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Falling Robot Gecko Rights Itself in Mid-Air

If this bio-inspired bot falls it can right itself to land on its feet -- rather than crashing into pieces

1 min read

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We've seen robot geckos climbing walls before. Now researchers are adding a twist -- literally. If this bio-inspired bot falls, rather than crashing into pieces, it can right itself mid-air and land on its feet.

The UC Berkeley researchers, led by graduate student Ardian Jusufi, describe their results in a paper published today in a special edition of the Institute of Physics's Bioinspiration & Biomimetics. The movie shows how a gecko uses its tail to right and turn itself mid-air and fall on its feet. The researchers studied how a real gecko does the trick, modeled the maneuver on a computer, and built a robot gecko that can do the same.

We're seeing moreandmorebio-inspired robots lately, and that looks like a promising trend in robotics.

"Because biologists and engineers are typically trained quite differently, there is a gap between the understanding of natural flight of biologists and the engineer's expertise in designing vehicles that function well," the special edition's editor David Lentink from Wageningen University, in the Netherlands, writes in an accompanying editorial. "In the middle however is a few pioneering engineers who are able to bridge both fields."

Other articles describe how scientists are trying to mimic the natural abilities of humming birds, cruising seagulls, flapping insects, and floating maple seeds to improve the design of air vehicles.

But the robot I really want to see? The amazing gliding snake!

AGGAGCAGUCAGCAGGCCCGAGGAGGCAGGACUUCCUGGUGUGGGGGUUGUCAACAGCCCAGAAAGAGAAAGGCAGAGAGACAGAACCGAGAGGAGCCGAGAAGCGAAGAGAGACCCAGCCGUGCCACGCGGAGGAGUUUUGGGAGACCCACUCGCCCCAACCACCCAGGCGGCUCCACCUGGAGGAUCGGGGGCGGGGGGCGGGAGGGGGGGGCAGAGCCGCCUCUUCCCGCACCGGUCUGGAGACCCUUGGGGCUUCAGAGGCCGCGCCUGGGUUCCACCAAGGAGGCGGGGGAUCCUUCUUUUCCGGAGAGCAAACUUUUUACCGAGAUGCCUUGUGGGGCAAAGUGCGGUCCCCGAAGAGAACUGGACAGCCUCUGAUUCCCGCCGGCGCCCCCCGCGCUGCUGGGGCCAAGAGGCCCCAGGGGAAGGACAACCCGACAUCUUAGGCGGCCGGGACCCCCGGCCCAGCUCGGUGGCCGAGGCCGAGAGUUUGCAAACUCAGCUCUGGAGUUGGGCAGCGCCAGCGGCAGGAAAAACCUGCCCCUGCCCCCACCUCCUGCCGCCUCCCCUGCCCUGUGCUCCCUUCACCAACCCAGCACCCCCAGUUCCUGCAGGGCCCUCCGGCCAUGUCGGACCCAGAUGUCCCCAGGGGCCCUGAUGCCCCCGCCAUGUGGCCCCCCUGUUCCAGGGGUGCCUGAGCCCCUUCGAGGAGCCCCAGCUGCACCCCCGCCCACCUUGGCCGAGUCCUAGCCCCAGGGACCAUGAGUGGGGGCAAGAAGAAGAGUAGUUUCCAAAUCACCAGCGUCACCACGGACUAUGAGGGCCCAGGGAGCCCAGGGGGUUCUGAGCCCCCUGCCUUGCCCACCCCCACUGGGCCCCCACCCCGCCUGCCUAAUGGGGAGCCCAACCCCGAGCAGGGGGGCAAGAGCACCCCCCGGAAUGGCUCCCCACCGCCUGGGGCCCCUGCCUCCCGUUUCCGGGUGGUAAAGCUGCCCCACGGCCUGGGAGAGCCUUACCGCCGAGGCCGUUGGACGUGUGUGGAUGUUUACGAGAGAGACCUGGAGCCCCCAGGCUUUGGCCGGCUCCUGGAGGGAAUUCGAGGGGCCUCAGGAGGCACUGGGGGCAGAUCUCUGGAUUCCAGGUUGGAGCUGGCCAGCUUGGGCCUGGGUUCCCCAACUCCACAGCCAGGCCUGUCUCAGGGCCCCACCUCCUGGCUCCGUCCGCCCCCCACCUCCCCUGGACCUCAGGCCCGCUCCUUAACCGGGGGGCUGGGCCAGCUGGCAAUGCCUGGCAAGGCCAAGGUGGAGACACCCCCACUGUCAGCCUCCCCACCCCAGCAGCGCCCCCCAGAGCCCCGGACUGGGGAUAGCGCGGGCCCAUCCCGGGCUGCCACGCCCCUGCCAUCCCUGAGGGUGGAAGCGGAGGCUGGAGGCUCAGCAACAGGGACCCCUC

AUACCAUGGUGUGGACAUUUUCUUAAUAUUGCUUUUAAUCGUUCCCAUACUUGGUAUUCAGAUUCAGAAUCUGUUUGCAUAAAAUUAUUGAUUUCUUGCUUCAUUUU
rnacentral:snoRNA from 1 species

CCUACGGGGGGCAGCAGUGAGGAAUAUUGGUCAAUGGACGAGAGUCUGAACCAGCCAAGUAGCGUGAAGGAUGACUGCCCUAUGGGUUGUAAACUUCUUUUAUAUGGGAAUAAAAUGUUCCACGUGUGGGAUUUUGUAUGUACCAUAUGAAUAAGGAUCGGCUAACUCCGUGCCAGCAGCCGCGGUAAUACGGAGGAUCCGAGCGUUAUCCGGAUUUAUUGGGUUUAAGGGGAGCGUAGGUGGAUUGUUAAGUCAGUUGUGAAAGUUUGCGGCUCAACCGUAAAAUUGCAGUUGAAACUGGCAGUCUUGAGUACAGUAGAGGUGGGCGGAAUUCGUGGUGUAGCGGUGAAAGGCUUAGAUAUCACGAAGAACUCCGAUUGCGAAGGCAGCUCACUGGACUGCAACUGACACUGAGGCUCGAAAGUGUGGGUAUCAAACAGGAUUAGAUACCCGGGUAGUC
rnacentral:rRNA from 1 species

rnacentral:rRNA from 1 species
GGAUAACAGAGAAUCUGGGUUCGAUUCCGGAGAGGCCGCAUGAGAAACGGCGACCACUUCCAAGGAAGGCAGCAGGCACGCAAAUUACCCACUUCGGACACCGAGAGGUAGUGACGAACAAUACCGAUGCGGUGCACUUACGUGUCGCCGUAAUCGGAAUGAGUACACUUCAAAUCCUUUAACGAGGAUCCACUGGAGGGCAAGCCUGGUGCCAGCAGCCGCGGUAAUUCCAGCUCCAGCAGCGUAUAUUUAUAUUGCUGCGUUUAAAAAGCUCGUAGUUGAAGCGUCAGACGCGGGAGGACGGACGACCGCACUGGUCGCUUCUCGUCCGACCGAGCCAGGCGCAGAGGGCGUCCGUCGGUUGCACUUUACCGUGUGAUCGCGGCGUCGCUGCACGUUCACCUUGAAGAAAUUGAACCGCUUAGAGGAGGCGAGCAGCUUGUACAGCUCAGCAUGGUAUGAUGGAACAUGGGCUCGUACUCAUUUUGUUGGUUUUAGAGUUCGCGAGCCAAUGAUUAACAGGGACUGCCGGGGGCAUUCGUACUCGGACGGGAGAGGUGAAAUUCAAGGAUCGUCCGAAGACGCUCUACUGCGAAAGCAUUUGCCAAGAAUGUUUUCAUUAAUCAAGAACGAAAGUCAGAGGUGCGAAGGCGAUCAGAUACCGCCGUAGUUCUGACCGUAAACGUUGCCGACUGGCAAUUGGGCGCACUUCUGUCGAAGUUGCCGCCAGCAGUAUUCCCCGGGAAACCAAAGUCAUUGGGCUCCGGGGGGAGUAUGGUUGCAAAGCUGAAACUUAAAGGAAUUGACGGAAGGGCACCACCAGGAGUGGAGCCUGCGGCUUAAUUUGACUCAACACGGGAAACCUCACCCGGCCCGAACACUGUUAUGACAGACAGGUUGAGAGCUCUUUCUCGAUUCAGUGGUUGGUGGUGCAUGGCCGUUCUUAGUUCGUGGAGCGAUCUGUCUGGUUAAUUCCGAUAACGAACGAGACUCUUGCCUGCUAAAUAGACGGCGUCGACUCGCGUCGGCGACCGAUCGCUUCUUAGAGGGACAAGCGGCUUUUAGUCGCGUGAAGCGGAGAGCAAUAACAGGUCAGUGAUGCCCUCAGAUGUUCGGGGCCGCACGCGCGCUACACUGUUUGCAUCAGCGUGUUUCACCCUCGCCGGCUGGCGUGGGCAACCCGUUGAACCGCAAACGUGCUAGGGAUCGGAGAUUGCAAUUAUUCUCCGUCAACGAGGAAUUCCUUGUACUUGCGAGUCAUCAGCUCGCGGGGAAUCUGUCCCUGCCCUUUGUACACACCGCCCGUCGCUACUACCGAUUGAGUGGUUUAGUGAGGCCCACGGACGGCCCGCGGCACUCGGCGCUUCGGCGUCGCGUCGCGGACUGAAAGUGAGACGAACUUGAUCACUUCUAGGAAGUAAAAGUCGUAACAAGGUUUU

See more videos below, including one from Jake Socha and his team at Virginia Tech showing the mystifying skills of flying snakes, which direct their flight mid-air by slithering.

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The Conversation (0)

The Bionic-Hand Arms Race

The prosthetics industry is too focused on high-tech limbs that are complicated, costly, and often impractical

12 min read
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A photograph of a young woman with brown eyes and neck length hair dyed rose gold sits at a white table. In one hand she holds a carbon fiber robotic arm and hand. Her other arm ends near her elbow. Her short sleeve shirt has a pattern on it of illustrated hands.

The author, Britt Young, holding her Ottobock bebionic bionic arm.

Gabriela Hasbun. Makeup: Maria Nguyen for MAC cosmetics; Hair: Joan Laqui for Living Proof
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In Jules Verne’s 1865 novel From the Earth to the Moon, members of the fictitious Baltimore Gun Club, all disabled Civil War veterans, restlessly search for a new enemy to conquer. They had spent the war innovating new, deadlier weaponry. By the war’s end, with “not quite one arm between four persons, and exactly two legs between six,” these self-taught amputee-weaponsmiths decide to repurpose their skills toward a new projectile: a rocket ship.

The story of the Baltimore Gun Club propelling themselves to the moon is about the extraordinary masculine power of the veteran, who doesn’t simply “overcome” his disability; he derives power and ambition from it. Their “crutches, wooden legs, artificial arms, steel hooks, caoutchouc [rubber] jaws, silver craniums [and] platinum noses” don’t play leading roles in their personalities—they are merely tools on their bodies. These piecemeal men are unlikely crusaders of invention with an even more unlikely mission. And yet who better to design the next great leap in technology than men remade by technology themselves?

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